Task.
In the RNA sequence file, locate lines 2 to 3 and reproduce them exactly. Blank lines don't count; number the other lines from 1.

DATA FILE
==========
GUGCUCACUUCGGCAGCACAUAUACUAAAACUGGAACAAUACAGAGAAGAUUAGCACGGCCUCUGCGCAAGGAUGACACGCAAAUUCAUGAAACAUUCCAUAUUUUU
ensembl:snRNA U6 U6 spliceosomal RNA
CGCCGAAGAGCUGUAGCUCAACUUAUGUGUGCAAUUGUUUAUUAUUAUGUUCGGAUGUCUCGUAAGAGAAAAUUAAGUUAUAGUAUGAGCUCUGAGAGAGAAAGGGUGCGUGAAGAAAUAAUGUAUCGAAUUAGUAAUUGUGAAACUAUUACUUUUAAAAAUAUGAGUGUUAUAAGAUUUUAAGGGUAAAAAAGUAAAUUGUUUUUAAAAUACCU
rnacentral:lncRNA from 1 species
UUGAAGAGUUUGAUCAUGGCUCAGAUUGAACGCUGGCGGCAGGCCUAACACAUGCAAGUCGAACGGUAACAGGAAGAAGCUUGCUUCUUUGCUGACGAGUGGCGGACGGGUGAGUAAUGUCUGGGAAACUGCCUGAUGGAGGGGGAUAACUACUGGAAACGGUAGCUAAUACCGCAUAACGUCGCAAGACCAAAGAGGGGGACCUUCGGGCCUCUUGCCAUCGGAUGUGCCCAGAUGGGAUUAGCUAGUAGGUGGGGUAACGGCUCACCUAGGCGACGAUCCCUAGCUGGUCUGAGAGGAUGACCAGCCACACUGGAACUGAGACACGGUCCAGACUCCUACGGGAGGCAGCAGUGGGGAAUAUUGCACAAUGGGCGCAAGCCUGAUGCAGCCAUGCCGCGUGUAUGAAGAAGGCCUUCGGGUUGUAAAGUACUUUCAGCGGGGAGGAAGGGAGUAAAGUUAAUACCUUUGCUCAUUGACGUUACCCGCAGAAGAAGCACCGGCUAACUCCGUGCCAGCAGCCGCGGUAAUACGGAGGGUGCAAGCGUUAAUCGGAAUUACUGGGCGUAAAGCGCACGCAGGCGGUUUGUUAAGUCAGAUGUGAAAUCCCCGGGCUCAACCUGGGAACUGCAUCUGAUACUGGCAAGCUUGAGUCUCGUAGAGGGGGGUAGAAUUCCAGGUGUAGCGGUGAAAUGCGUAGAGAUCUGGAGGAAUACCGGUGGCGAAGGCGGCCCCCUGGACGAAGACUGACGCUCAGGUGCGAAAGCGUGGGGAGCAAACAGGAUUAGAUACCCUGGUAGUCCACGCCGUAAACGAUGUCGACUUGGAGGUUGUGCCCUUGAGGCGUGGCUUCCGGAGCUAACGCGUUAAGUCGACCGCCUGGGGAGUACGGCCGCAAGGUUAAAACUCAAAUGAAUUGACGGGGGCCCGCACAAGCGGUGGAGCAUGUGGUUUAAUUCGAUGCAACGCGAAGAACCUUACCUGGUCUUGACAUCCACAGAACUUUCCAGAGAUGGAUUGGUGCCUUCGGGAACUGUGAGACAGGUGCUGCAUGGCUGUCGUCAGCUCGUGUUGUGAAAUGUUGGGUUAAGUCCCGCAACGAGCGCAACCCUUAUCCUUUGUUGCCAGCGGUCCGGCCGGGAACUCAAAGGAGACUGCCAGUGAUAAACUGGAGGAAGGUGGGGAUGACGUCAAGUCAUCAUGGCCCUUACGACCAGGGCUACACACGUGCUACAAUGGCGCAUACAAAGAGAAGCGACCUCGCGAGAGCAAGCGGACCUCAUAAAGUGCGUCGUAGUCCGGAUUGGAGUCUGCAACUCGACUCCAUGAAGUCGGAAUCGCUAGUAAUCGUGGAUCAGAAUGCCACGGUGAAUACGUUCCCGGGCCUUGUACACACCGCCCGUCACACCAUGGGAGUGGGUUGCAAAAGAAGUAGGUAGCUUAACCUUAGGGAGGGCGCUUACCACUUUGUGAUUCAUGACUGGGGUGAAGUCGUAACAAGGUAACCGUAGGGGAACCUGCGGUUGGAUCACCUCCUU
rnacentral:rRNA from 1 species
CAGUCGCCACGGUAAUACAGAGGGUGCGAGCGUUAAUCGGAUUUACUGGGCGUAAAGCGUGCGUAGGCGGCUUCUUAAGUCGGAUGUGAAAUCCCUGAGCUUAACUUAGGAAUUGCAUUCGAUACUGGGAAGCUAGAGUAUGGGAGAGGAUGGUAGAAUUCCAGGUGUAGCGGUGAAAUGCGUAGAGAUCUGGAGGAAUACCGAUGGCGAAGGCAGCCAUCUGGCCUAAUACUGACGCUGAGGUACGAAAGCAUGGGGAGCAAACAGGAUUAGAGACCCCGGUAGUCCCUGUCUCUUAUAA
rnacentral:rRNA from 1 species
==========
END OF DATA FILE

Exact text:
ensembl:snRNA U6 U6 spliceosomal RNA
CGCCGAAGAGCUGUAGCUCAACUUAUGUGUGCAAUUGUUUAUUAUUAUGUUCGGAUGUCUCGUAAGAGAAAAUUAAGUUAUAGUAUGAGCUCUGAGAGAGAAAGGGUGCGUGAAGAAAUAAUGUAUCGAAUUAGUAAUUGUGAAACUAUUACUUUUAAAAAUAUGAGUGUUAUAAGAUUUUAAGGGUAAAAAAGUAAAUUGUUUUUAAAAUACCU